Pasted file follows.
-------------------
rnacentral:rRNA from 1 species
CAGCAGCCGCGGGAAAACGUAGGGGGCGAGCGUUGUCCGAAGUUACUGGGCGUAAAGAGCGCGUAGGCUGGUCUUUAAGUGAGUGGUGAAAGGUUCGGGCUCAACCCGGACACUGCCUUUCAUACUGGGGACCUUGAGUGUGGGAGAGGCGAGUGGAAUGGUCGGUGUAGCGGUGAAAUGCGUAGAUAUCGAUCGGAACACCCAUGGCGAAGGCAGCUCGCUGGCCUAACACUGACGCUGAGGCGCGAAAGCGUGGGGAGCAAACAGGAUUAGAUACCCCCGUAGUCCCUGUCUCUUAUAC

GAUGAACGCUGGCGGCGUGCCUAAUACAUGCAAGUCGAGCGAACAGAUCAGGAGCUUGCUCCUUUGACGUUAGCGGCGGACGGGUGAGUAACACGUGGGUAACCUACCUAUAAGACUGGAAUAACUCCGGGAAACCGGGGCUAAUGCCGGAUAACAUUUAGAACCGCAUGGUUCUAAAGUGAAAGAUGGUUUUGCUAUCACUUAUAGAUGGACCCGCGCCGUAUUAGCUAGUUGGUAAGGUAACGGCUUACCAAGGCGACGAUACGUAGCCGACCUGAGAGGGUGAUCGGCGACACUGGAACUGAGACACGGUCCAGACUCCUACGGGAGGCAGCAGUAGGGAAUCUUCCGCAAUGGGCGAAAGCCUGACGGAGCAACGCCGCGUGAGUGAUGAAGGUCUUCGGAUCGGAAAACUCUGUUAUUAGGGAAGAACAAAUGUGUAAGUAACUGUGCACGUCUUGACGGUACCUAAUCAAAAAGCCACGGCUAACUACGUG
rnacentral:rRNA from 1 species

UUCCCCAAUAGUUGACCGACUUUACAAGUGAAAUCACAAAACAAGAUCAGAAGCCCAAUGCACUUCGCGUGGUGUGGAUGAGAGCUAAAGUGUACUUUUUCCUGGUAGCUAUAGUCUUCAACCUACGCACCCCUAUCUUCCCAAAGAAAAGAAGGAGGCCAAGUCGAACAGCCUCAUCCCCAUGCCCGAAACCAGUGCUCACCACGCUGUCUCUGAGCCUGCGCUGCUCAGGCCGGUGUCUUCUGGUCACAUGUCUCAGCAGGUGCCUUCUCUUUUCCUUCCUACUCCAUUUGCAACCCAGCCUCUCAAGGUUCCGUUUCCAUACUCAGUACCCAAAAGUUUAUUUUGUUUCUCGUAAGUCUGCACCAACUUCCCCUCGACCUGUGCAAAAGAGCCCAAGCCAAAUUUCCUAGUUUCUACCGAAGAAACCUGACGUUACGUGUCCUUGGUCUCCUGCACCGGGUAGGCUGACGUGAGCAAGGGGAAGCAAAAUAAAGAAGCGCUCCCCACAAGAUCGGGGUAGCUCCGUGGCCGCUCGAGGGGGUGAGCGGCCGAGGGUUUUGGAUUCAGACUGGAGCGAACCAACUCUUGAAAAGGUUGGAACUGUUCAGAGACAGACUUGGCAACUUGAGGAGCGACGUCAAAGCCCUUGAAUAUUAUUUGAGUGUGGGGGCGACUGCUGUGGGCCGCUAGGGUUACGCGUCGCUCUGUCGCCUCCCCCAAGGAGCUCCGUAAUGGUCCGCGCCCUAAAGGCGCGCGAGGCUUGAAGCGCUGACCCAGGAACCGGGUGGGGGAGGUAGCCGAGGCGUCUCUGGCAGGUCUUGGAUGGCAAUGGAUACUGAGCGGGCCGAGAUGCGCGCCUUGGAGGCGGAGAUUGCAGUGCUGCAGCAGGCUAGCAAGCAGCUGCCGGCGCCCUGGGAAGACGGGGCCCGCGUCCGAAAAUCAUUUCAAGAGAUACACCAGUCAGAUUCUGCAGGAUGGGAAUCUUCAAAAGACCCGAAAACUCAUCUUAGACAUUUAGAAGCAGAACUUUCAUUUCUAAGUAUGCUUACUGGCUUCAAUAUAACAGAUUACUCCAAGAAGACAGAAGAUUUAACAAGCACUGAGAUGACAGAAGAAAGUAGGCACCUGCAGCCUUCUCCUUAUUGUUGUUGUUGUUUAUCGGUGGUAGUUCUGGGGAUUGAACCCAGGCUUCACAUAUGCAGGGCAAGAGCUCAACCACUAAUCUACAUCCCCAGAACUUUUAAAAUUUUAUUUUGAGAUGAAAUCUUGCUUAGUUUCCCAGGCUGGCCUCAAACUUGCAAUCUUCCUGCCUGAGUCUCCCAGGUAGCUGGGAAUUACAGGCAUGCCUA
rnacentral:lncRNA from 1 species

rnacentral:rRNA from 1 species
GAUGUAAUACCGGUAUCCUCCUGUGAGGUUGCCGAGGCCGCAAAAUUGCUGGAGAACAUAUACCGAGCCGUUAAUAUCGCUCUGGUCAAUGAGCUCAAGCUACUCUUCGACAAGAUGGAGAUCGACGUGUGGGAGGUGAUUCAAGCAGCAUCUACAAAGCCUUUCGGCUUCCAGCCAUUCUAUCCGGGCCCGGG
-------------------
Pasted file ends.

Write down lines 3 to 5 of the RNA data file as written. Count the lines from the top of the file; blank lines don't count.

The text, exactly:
GAUGAACGCUGGCGGCGUGCCUAAUACAUGCAAGUCGAGCGAACAGAUCAGGAGCUUGCUCCUUUGACGUUAGCGGCGGACGGGUGAGUAACACGUGGGUAACCUACCUAUAAGACUGGAAUAACUCCGGGAAACCGGGGCUAAUGCCGGAUAACAUUUAGAACCGCAUGGUUCUAAAGUGAAAGAUGGUUUUGCUAUCACUUAUAGAUGGACCCGCGCCGUAUUAGCUAGUUGGUAAGGUAACGGCUUACCAAGGCGACGAUACGUAGCCGACCUGAGAGGGUGAUCGGCGACACUGGAACUGAGACACGGUCCAGACUCCUACGGGAGGCAGCAGUAGGGAAUCUUCCGCAAUGGGCGAAAGCCUGACGGAGCAACGCCGCGUGAGUGAUGAAGGUCUUCGGAUCGGAAAACUCUGUUAUUAGGGAAGAACAAAUGUGUAAGUAACUGUGCACGUCUUGACGGUACCUAAUCAAAAAGCCACGGCUAACUACGUG
rnacentral:rRNA from 1 species

UUCCCCAAUAGUUGACCGACUUUACAAGUGAAAUCACAAAACAAGAUCAGAAGCCCAAUGCACUUCGCGUGGUGUGGAUGAGAGCUAAAGUGUACUUUUUCCUGGUAGCUAUAGUCUUCAACCUACGCACCCCUAUCUUCCCAAAGAAAAGAAGGAGGCCAAGUCGAACAGCCUCAUCCCCAUGCCCGAAACCAGUGCUCACCACGCUGUCUCUGAGCCUGCGCUGCUCAGGCCGGUGUCUUCUGGUCACAUGUCUCAGCAGGUGCCUUCUCUUUUCCUUCCUACUCCAUUUGCAACCCAGCCUCUCAAGGUUCCGUUUCCAUACUCAGUACCCAAAAGUUUAUUUUGUUUCUCGUAAGUCUGCACCAACUUCCCCUCGACCUGUGCAAAAGAGCCCAAGCCAAAUUUCCUAGUUUCUACCGAAGAAACCUGACGUUACGUGUCCUUGGUCUCCUGCACCGGGUAGGCUGACGUGAGCAAGGGGAAGCAAAAUAAAGAAGCGCUCCCCACAAGAUCGGGGUAGCUCCGUGGCCGCUCGAGGGGGUGAGCGGCCGAGGGUUUUGGAUUCAGACUGGAGCGAACCAACUCUUGAAAAGGUUGGAACUGUUCAGAGACAGACUUGGCAACUUGAGGAGCGACGUCAAAGCCCUUGAAUAUUAUUUGAGUGUGGGGGCGACUGCUGUGGGCCGCUAGGGUUACGCGUCGCUCUGUCGCCUCCCCCAAGGAGCUCCGUAAUGGUCCGCGCCCUAAAGGCGCGCGAGGCUUGAAGCGCUGACCCAGGAACCGGGUGGGGGAGGUAGCCGAGGCGUCUCUGGCAGGUCUUGGAUGGCAAUGGAUACUGAGCGGGCCGAGAUGCGCGCCUUGGAGGCGGAGAUUGCAGUGCUGCAGCAGGCUAGCAAGCAGCUGCCGGCGCCCUGGGAAGACGGGGCCCGCGUCCGAAAAUCAUUUCAAGAGAUACACCAGUCAGAUUCUGCAGGAUGGGAAUCUUCAAAAGACCCGAAAACUCAUCUUAGACAUUUAGAAGCAGAACUUUCAUUUCUAAGUAUGCUUACUGGCUUCAAUAUAACAGAUUACUCCAAGAAGACAGAAGAUUUAACAAGCACUGAGAUGACAGAAGAAAGUAGGCACCUGCAGCCUUCUCCUUAUUGUUGUUGUUGUUUAUCGGUGGUAGUUCUGGGGAUUGAACCCAGGCUUCACAUAUGCAGGGCAAGAGCUCAACCACUAAUCUACAUCCCCAGAACUUUUAAAAUUUUAUUUUGAGAUGAAAUCUUGCUUAGUUUCCCAGGCUGGCCUCAAACUUGCAAUCUUCCUGCCUGAGUCUCCCAGGUAGCUGGGAAUUACAGGCAUGCCUA